A Quickie With Queer Irish Playwright and Comedian, Sonya Kelly

As Sonya Kelly’s play, Furniture, gets ready to debut as part of Druid’s season of new Irish work at the Galway Arts Festival, she tells us about the themes she’s interested in, who would play her in the movie of her life, and why Ursula Halligan is her ultimate queer icon.

Sonya Kelly talks about her new play, Furniture

“I am interested in humour and humanity and how they feed each other.”

Sonya Kelly’s debut solo play, The Wheelchair on My Face won a Scotsman Fringe First Award for new writing at the Edinburgh Fringe 2012 and received a Critics’ Pick in the New York Times. Her second play, How To Keep An Alien, won Best Production at the Dublin Fringe in 2014 and toured internationally. Her short play, The Pet Sitter was commissioned by the Abbey Theatre and she is a regular contributor to RTÉ’s Arena. Her latest play, Furniture, was selected by Druid for a public reading as part of the Druid Debut series at the Galway International Arts Festival in 2017 and is now scheduled for a full production at the festival this year. We sat down for a quick chat with her.

Hey Sonya! If you could describe ‘Furniture’ in one sentence, what would it be?

Furniture, a play about tables and chairs and the people who love them.

Who are the six characters in ‘Furniture’?

We have Ed, an artist, Alex, an ophthalmologist, Stef who works in Human Resources, Dee, we don’t know what she does, George is an elderly gay man and Michael is his solicitor nephew. They are all delightfully complex, confused, idiotic, self-centered and utterly adorable.

So, what’s the biggest theme at play in this play, Sonya?

The biggest theme in the play, I would say, is basic consideration. The ability to be considerate in contemporary society is an art form. We all expect it, but too often are blind to our own instincts to administer it. The prices of furniture present triggers for how the characters consider each other or don’t. They are roadmaps to their core values and set the drama in motion.

What are you interested in exploring with all your work?

I am interested in humour and humanity and how they feed each other. Furniture essentially is a play about tiny human conundrums that all too often are left to fester and become Opera when the finally dislodge from our hearts and come out into the open.

Who is the greatest comedy influence on you, and why?

Oh, there are so many. At the moment it is Tig Notaro and Sarah Silverman but if I go way back, Mork and Mindy could give them a run for their money. Let us not forget The Muppet Show, the queerest thing on TV when I was a kid, apart from Dallas and Cagney and Lacey. Hannah Gadsby is also tearing it up at the moment. She has taken the step of blending moments of pure hilarity with uncomfortably blistering rage, something you are not supposed to do in a comedy show. It is very inspiring and much needed.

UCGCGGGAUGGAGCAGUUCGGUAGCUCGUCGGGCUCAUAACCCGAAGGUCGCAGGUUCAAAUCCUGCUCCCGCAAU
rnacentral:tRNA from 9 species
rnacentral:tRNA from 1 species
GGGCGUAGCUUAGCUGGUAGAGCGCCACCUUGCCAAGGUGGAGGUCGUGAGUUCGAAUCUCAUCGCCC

Who is your greatest theatrical influence, Sonya, and why?

Aristotle had a fair idea of what he was on about. In Poetics, he distilled the emotional journey of the audience into a science. Every time I am stuck I return to Aristotle. Druid Theatre, of course, have long represented a standard of work I have striven to emulate. The fact that they picked Furniture out of the pile and are producing it is quite a big deal.

Who is your ultimate queer icon?

Ursula Halligan. No brainer. If alone for that time she turned the mic on Bertie Aherne outside the Dail and said; ‘What happened to Royston Brady Mr. Aherne? Was he abducted by aliens?’

If you could have any five people in history over to yours for dinner, who would they be?

Quentin Crisp, that was a real moment when I read his books. Dorothy Parker, but I’d be terrified of her. Poncherello from Chips, I used to pretend he lived in out in the garden shed and I was the only person who could see him. The Mona Lisa model and Janis Joplin to kick off the old sing song after they serve the coffee and tiramisu.

Who would play you in the biopic of your life, Sonya, and what would it be called?

I would have Ed Byrne or Jodie Foster because I look like both of them. Oddly, they don’t look like each other. It would be called: ‘I’d Have Gotten There Quicker, If I Could Only Get Past Myself’.

What’s the best piece of life advice you ever received?

If you never try, you will fail 100% of the time. I am also a fan of, work hard, be nice to people. Who would have ever thought it was that simple?

‘Furniture’ by Sonya Kelly runs from July 16 to 28 at The Mick Lally Theatre on Druid Lane, Galway. Booking here.


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